Fleischer, however, was now committed. Enquiring at even,' village, calling at every abandoned mine - often half-buried, with their entrances overgrown with foliage so as to refute all evidence of previous activity - Fleischer hunted for the documents. He could not find them, and, worse, like Staver, he discovered there was no village called Doren. There was one called Dornten, however, and he felt sure the mine would be there. The caretaker lived nearby, but could not help. He was an old man and obstinately insisted that there was nothing of value in the mine, certainly no important papers. Fleischer persisted. The old man looked blank. Fleischer threatened him, saving that he was acting for important generals: Dornberger and Kammler. Was one old man to defy the orders of those running Germany's rocket programme?
Miraculously, the old man's memory returned as he started to describe how in early April lorries had trundled through the darkness delivering boxes. They had been stowed in the mine, then dynamite had been used to block the entrance to the gallery. Fleischer could see that removing the papers would not be easy. An enormous pile of stone and rubble 30 feet deep sealed off access to the gallery.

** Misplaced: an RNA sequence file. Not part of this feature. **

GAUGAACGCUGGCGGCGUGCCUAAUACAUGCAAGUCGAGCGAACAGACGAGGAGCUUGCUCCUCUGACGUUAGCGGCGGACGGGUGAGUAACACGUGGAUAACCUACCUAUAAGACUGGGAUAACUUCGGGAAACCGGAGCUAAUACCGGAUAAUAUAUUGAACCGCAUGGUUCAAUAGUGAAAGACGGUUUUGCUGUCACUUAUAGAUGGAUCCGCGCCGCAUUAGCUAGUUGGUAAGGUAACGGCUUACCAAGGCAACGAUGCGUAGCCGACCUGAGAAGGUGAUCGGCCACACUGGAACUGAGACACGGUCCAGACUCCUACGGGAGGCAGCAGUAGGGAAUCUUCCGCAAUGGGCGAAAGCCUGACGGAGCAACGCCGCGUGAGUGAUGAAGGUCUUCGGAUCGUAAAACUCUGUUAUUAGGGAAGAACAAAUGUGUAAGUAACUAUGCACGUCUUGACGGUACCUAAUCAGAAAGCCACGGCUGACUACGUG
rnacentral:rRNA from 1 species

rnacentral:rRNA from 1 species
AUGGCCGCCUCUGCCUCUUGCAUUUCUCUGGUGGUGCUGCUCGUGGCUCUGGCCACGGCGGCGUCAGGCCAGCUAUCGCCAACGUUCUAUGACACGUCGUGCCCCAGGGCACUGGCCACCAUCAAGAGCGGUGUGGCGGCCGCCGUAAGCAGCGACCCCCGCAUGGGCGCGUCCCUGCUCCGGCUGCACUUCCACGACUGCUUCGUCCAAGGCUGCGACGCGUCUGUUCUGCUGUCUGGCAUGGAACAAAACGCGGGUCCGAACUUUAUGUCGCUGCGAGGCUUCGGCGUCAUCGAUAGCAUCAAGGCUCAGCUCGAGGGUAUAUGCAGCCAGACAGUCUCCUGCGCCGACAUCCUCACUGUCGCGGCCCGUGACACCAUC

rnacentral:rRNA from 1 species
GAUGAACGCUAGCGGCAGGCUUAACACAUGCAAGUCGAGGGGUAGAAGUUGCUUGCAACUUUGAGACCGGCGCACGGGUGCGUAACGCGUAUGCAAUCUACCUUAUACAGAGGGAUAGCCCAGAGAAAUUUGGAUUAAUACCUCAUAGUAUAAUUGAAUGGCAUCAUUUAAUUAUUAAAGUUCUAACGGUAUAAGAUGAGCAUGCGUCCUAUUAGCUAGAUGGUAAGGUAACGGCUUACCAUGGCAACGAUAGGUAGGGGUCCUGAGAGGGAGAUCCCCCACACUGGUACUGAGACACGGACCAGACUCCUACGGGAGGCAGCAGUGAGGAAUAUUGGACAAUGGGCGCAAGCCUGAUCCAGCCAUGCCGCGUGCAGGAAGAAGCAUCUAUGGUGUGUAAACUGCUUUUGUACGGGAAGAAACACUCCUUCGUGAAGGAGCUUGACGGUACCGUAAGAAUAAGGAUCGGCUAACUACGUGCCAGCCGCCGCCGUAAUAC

Staver was delighted when he heard the news. The top German scientists were in the American zone. A hundred V-2S were seemingly in American hands and now he had discovered arguably the most wanted documents in Germany. However, his satisfaction at finding the papers was diminished considerably when he learned that a decision at highest levels had changed the boundaries of control between American and British zones. In less than a week, the mine with its hidden treasure would be under British administration. Suddenly, there was no time to lose. Because there was no way of communicating to Ordnance Headquarters Technical Division in the Champs-Elysees for the appropriate authorization, a short trip to Paris was unavoidable. Meanwhile, he instructed staff from the US Technical Intelligence Team to work with Fleischer at clearing the mine.